Let’s hope that they come to the market soon, not just for electric cars, but for many other applications that need high energy density and low weight. Claim: Let’s put batteries on wind and solar farms. From Stanford University Stanford scientists calculate the energy required to store wind and solar power on the grid Renewable energy holds the promise of reducing carbon dioxide emissions.
Study: Batteries Aren't Good Enough To Support Green Energy. Storing enough electricity in batteries to support wind and solar power faces enormous physical problems, which could make it economically impossible, according to a study published Tuesday by chemists at Texas A&M.
The study found that when electrons combine with the lithium ions in a battery, they distort the electronic structure of the device, essentially trapping unused energy in the battery, causing it to degrade rapidly. The research means that it may be inherently impossible to store large amounts of electricity cost effectively in a battery. “Fundamentally, when you have a battery, every time you use it, it starts to die a little bit,” Dr. Sarbajit Banerjee, a chemistry professor at Texas A&M, wrote in a press statement. “The more you use it, the more it dies. Going Solar: System Requirements For 100% U.S. Solar Generated Utility Baseload Electricity. By: Tom D. Tamarkin & Barrie Lawson Over the next 50 years, utility companies in the United States must replace approximately 440 Gigawatts (GW) of baseload generation capacity to provide electricity nationwide. Significant electrification of the transportation segment through electric cars and trucks can potentially quadruple the amount of needed power.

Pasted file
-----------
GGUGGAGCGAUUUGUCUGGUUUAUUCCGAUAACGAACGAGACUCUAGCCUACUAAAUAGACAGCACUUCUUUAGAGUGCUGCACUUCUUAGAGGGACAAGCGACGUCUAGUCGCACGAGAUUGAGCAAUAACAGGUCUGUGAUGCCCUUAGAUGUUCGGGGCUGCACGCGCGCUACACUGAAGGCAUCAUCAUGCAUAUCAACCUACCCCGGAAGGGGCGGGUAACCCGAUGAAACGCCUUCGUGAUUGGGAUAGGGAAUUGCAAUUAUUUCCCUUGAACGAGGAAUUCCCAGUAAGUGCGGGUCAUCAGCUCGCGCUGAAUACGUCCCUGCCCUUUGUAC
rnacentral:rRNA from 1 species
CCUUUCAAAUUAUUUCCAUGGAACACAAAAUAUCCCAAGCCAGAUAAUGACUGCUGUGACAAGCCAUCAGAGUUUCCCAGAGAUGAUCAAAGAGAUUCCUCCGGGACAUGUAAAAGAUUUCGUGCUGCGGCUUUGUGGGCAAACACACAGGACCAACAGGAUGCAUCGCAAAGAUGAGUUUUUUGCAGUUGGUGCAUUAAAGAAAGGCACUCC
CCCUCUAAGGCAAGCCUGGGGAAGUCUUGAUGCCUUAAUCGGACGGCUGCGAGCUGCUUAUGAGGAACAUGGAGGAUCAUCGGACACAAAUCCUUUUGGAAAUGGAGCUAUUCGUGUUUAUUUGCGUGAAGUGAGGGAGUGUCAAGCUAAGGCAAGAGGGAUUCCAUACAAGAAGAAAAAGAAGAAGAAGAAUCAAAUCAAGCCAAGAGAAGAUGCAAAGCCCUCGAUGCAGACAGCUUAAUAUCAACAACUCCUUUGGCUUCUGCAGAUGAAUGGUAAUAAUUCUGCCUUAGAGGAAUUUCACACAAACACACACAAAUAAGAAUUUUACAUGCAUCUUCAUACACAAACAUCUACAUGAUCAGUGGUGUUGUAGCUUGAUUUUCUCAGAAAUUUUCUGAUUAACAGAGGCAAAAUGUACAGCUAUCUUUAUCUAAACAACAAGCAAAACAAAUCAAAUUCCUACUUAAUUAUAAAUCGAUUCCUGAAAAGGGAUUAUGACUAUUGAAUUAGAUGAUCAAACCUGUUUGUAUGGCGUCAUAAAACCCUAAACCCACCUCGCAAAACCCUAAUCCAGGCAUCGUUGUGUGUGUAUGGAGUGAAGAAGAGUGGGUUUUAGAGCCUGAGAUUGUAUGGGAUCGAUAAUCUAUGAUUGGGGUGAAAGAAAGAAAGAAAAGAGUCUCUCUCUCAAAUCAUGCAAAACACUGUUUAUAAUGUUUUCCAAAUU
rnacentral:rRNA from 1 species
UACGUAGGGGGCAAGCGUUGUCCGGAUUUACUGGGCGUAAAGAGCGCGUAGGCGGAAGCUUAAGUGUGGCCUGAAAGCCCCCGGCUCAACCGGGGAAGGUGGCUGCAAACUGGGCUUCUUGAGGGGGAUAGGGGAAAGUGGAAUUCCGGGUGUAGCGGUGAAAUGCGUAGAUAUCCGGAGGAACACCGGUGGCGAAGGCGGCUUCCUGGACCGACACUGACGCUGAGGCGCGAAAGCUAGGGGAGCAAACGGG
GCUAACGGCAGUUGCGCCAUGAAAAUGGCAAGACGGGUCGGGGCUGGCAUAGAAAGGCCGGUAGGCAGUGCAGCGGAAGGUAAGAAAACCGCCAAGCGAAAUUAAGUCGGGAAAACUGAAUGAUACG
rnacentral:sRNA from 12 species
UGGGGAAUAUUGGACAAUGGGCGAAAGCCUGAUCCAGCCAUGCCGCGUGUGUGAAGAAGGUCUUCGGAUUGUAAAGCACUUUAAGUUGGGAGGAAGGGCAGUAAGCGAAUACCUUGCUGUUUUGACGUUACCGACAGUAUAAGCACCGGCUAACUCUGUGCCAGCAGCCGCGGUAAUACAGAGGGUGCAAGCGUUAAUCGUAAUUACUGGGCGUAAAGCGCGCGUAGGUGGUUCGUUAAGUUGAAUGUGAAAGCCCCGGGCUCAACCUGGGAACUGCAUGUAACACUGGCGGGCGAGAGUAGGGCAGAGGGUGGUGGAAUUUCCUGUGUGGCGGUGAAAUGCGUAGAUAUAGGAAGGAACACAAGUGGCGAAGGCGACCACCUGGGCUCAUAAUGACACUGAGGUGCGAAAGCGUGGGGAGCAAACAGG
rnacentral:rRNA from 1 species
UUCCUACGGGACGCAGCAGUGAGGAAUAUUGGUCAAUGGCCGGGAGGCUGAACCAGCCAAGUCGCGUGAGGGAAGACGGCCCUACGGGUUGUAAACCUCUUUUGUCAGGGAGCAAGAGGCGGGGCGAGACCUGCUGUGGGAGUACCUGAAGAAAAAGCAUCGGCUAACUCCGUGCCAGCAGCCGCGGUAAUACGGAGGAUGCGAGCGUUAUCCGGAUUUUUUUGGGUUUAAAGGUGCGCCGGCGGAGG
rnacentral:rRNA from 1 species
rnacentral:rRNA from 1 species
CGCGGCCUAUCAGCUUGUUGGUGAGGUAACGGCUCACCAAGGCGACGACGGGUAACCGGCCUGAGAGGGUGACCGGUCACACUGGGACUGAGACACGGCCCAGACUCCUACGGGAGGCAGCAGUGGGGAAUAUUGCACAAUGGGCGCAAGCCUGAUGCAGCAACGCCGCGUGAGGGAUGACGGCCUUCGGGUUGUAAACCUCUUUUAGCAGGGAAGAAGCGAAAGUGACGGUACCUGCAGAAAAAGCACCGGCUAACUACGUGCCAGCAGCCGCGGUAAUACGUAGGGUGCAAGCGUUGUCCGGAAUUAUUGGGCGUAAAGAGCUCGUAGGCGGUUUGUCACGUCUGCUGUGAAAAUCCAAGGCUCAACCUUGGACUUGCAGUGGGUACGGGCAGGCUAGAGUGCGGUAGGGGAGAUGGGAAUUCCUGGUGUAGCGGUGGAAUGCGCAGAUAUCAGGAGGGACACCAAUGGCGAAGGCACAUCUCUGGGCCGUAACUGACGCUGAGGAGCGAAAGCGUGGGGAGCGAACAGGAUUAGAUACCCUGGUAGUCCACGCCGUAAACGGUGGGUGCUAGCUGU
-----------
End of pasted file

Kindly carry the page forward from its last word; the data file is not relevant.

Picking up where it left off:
This paper explores the system requirements to replace this generation capacity with a photovoltaic only generation scheme. Topics include the definition of peak power demand, time of use issues, reserve power requirements, storage to provide power when there is no sunlight, and the various engineering challenges associated with managing a large area synchronous AC power grid. This analysis considers the factors involved in dimensioning solar power generating plants. South Australia – a Renewable State?
Hallet wind farm, South Australia Credit: Ian Sutton from Collinsville and Oberon, Australia Guest essay by Paul Miskelly and Tom Quirk With $90 billion spent on batteries and 4,000 MW of more wind farms, South Australia could be a totally renewable state, at least for electricity. South Australia along with one or two other states has been described by Al Gore as the canary in the coal mine for climate change and renewable energy. This interesting comparison was rewarded by South Australia putting the canary in the dark as there was no coal. But it would be interesting to see what the electricity supply of South Australia might be like with zero CO2 emissions as is the fond wish of many and even of learned societies.